Cities without landmarks
Niagara Falls, U.S./Canada
Topics: Politics News
The tranquility of my Saturday morning was disrupted — and that’s putting it mildly — when I read on Glenn Reynolds’ popular right-wing “Instapundit” blog that we can learn important “Lessons About Iran From Hitler.” To know that we have yet another New Hitler in our midst is alarming indeed. Reynolds’ link takes one to an even more jarring warning about the Persian menace, by David Goldman, that extensively compares the fallen Nazi leader to Iranian President Mahmoud Ahmadinejad and argues that because both figures are maniacal monsters presiding over a dying nation, only a full-scale military attack can stop them. ”However much it costs in Iranian blood and well-being, it’s still worth it,” Goldman casually decrees.
Sociopathic calls for aggressive attacks on other nations and cheap invocations of Hitler are not worth commenting on: neocons churn those out reflexively. But what is worth noting is the event Goldman is flagging as proof of Iran’s aggressive intentions: “Iran is planning to double its defense budget even though its currency is collapsing,” he warns. A doubling of its defense budget! Who among us can remain calm in the face of such naked militarism?
That Ahmadinejad claims that Iran will increase its military budget for next year by 127% was widely reported this week. For a variety of reasons relating to Iran’s economic difficulties, that plan is quite infeasible — typical Ahmadinejad blustering — but let’s assume for the moment that it will actually happen. According to the Stockholm International Peace Research Institute (SIPRI) Military Expenditure Database, Iran’s total annual military spending is $7 billion; an increase of 127% would take it to $15.8 billion — also known as: less than 2% of total U.S. military spending (which was $698 billion for fiscal year 2010). According to Defense News, Iran’s official military budget for 2011 is actually $12 billion; an increase of 127% would bring it to $27.2 billion, also known as: less than 4% of U.S. military spending. Taking the largest number possible for Iranian military spending (the one provided by Defense News), behold the frightening, Nazi-like military threat Iran poses:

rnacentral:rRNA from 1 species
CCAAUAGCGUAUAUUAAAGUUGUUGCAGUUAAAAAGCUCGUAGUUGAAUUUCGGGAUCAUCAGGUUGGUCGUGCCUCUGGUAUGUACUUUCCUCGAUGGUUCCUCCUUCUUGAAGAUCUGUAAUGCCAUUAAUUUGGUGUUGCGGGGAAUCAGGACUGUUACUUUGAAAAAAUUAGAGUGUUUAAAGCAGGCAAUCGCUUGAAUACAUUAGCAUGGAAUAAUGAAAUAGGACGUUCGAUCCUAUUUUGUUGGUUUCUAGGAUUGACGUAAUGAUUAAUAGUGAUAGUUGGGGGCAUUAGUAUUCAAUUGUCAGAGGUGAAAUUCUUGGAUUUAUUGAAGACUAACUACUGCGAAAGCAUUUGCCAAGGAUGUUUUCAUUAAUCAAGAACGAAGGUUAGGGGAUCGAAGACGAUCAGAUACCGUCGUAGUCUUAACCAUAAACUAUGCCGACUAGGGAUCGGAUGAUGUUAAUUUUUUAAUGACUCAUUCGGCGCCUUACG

These kinds of scary claims about Iran’s military might have been issuing for years. Back in 2006, Gen. John Abizaid, chief of the U.S. Central Command, announced that Iran has the most powerful military in the Middle East, even though Israel has a large stockpile of nuclear weapons, as many as 200, while Saudi Arabia annually spends almost $60 billion on its military (more than 5 times Iran’s current spending) or “10% of GDP on defence, more than double the proportion spent by America.” Both of those Iranian rivals (Israel and Saudi Arabia), and many others in that region, are recipients of vast amounts of sophisticated military weaponry from the U.S. Here is a list of 11 extremely sophisticated weapons that the U.S. — and it alone in the world — possesses. And then there’s the fact that the U.S. basically has Iran completely encircled, as demonstrated by this graph from Juan Cole’s blog, showing U.S. military bases near Iran:
As Cole put it: “Each star is a US base. But just to be clear, Iran is the one that is threatening us.” Indeed: imagine if the blue in that map were the U.S. (rather than Iran), and the large red areas were Mexico and Canada (rather than Iran’s neighbors), and the stars represented Iranian military bases. Then further imagine that Iranian political leaders and media figures routinely told their population that it was the U.S. that was an aggressive, threatening power that had to be stopped: the mocking condemnations of that level of propaganda would be endless. Yet American political officials and commentators feel free to insist, with a straight face, that Iran is an aggressor nation posing a serious threat to the U.S.: such a serious threat, in fact, that war may be necessary to stop it. And there is, tragically, little doubt that if there is an attack on Iran by Israel — with direct U.S. involvement or, more likely, U.S. support and approval — there will be little opposition in either American political party, and even less challenge to the ludicrous claims about the Grave Iranian Threat that will be invoked to justify it.
Niagara Falls, U.S./Canada
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